In addition, inflammatory factors play an important role in liver diseases. Liver inflammation results in the fact the INH metabolite acetyl hydrazine and hydrazine can stimulate the overproduction of endogenous hydrogen peroxide.18 The acetylation of histone H4 is mainly related to the inflammatory reaction,19 and HDAC can also affect the expression. In a study involving chronic obstructive pulmonary disease (COPD), the expression of IL-8 and the induced inflammatory reaction could be promoted when the acetylation of histone H4 increased in rat with COPD. However, the significant decrease of HDAC2 in lung tissues may activate some inflammatory and apoptotic genes.20–22 as the inflammatory mediators of liver toxicity, IL-1β and TNF-α can promote the occurrence of the inflammatory reaction in liver injury. According to this experiment, results show an inflammatory reaction occurring in the liver tissue after continuous INH administration, in which the protein contents of IL-1β and TNF-α in rat liver tissue were upregulated, consistent with the pathological changes. In the period of increasing mRNA expression levels of IL-1β and TNF-α, the mRNA expression of HDAC1 and HDAC2 was gradually expressed at a high level; by contrast, the expression levels of CBP/P300 mRNA decreased. After 14 days with the INH stimulus, histone H4K5 and H4K8 acetylation levels rebounded, and IL-1β and TNF-α increased significantly. During the phenomenon, the content of MDA decreased in 21 to 28 days. Oxidative stress induced by INH metabolites is suggested to promote the protection of the antioxidant system response, and functional inhibition of ROS inhibits histone H4 acetylation; moreover, the balance of HAT and HDAC is broken, and the secretion of IL-1β and TNF-α can promote the formation of liver injury.

In conclusion, histone acetylation is involved in INH-induced rat liver injury. This reaction can influence the levels of histone H3 and H4 acetylation and induce the overproduction of inflammatory factors that could accelerate liver cell damage when the balance of HAT and HDAC was broken under oxidative stress induced by INH in rat liver. Although we concluded that oxidative stress affects histone acetylation and eventually lead to high expression of inflammatory factors, how to influence the function and the expression of inflammatory factor in histone acetylation needs to be clarified. Finally, we combined in vivo and clinical studies to clarify the relationship among histone modification, oxidative stress, and inflammatory factor expression in drug-induced liver injury.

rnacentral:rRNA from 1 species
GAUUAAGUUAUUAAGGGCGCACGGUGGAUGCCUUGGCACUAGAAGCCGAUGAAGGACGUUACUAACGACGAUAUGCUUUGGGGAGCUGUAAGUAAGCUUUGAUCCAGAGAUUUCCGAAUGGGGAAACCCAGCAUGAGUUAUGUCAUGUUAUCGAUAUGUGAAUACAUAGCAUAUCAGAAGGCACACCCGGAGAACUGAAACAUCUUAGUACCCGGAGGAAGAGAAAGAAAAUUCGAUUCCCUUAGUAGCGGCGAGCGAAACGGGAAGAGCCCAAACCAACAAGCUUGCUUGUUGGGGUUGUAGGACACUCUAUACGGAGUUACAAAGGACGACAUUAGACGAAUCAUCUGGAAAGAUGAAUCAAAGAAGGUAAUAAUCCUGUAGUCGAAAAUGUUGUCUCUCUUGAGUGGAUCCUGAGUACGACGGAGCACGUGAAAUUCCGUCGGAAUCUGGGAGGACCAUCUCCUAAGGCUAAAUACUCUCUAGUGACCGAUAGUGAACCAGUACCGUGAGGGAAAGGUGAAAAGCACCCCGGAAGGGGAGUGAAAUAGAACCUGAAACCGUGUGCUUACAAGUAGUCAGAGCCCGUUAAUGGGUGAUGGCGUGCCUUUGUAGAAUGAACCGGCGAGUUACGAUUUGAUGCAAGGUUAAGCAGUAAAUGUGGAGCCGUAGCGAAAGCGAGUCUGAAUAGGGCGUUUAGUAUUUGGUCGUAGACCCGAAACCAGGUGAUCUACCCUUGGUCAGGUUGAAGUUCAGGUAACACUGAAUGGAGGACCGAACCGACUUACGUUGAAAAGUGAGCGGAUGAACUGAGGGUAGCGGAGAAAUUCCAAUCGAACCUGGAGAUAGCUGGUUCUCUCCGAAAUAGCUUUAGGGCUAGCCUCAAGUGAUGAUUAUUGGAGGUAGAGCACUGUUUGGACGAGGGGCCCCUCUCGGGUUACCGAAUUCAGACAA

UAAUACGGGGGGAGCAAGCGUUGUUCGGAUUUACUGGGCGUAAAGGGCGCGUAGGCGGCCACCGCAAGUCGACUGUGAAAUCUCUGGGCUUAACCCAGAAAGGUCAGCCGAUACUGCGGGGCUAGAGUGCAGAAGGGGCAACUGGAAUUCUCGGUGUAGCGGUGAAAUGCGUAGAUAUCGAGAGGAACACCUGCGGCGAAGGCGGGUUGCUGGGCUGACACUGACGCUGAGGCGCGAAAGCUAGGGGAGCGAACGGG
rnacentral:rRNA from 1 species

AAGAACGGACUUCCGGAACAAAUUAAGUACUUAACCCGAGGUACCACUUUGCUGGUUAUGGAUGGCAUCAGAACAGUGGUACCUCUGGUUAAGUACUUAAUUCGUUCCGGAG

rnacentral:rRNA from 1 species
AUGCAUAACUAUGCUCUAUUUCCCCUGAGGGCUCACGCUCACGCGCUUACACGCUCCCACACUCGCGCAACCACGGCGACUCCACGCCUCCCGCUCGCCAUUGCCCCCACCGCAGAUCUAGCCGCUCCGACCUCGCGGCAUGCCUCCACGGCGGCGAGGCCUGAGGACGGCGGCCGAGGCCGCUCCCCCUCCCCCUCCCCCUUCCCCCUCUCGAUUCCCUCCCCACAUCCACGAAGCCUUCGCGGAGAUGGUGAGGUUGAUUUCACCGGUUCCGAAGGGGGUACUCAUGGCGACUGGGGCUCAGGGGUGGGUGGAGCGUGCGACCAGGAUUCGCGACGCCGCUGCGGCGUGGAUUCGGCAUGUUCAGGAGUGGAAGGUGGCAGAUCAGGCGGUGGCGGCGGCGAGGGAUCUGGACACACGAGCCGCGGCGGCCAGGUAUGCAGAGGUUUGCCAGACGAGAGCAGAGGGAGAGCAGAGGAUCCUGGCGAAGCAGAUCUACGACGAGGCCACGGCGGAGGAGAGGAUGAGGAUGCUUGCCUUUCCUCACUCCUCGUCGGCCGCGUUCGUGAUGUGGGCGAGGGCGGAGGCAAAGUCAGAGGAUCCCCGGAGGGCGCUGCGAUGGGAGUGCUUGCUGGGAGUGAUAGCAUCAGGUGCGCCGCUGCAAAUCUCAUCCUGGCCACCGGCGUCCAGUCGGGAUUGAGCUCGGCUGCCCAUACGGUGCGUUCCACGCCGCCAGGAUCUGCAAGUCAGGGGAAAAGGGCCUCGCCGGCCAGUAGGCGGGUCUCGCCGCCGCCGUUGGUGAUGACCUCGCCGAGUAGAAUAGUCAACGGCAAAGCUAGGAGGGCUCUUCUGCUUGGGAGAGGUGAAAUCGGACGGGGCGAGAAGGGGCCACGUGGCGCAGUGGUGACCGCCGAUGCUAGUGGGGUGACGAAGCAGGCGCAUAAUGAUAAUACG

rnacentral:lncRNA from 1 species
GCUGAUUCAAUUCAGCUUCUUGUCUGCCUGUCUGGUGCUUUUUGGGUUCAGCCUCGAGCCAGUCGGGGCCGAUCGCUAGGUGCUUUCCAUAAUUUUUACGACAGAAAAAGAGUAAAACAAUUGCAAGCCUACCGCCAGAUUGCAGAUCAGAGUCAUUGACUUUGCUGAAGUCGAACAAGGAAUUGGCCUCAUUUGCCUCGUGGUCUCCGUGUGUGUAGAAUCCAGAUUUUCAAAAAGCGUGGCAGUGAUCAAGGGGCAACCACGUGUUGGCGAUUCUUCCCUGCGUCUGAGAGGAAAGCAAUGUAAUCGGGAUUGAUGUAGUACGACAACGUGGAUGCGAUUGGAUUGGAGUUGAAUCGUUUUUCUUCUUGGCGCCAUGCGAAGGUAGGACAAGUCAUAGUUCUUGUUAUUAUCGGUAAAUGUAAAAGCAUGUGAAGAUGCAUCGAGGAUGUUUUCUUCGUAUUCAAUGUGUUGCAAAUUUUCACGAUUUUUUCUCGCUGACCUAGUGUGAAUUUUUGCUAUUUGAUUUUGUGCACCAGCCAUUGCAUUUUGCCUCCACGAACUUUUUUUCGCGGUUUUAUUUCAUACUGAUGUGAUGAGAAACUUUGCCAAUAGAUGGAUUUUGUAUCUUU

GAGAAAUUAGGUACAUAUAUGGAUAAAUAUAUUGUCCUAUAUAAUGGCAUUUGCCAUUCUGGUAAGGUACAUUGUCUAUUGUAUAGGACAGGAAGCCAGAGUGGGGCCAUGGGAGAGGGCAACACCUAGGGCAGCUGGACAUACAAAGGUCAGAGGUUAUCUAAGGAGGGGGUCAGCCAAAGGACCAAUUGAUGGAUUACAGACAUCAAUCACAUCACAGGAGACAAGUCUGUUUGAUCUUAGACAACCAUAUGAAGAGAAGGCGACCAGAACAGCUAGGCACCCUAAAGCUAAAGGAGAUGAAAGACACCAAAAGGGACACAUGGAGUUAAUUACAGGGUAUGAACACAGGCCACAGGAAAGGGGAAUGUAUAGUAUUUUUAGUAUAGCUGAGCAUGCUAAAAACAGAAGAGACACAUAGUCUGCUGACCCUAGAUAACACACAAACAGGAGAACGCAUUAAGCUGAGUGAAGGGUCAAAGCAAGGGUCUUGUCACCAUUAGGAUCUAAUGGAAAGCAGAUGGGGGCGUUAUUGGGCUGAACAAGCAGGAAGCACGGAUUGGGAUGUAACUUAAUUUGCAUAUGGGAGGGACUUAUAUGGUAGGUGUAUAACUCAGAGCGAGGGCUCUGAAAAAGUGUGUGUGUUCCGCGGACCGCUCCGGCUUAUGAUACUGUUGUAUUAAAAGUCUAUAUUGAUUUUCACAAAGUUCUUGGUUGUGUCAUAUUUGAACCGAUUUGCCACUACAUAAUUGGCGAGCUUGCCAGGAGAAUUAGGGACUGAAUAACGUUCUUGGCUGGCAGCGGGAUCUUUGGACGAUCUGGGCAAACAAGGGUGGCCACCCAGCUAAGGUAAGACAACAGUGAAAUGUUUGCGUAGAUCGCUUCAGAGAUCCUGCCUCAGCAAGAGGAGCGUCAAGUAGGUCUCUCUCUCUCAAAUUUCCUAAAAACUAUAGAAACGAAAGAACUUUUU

Conflicts of interest

There are no conflicts of interest to declare that we have no financial and personal relationships with other people or organizations that can inappropriately influence our work of the manuscript entitled “Involvement of Histone Hypoacetylation in INH-induced Rat Liver Injury”

Acknowledgements

This study was supported by the Natural Science Foundation of Hebei Province, China (No. H2016209300).

References

  1. A. Jaswal, N. Sinha and M. Bhadauria, et al., Therapeutic potential of thymoquinone against anti-tuberculosis drugs induced liver damage, Environ. Toxicol. Pharmacol., 2013, 36(3), 779–786 CrossRef CAS PubMed.
  2. U. A. Boelsterli and K. K. Lee, Mechanisms of isoniazid-induced idiosyncratic liver injury: Emerging role of mitochondrial stress, J. Gastroenterol. Hepatol., 2014, 29(4), 678–687 CrossRef CAS PubMed.
  3. C. Enriquez-Cortina, M. Almonte-Becerril and D. Clavijo-Cornejo, et al., Hepatocyte growth factor protects against isoniazid/rifampicin-induced oxidative liver damage, Toxicol. Sci., 2013, 135(1), 26–36 CrossRef CAS PubMed.
  4. S. Tafazoli, M. Mashregi and P. J. O'Brien, Role of hydrazine in isoniazid-induced hepatotoxicity in a hepatocyte inflammation model, Toxicol. Appl. Pharmacol., 2008, 229(1), 94–101 CrossRef CAS PubMed.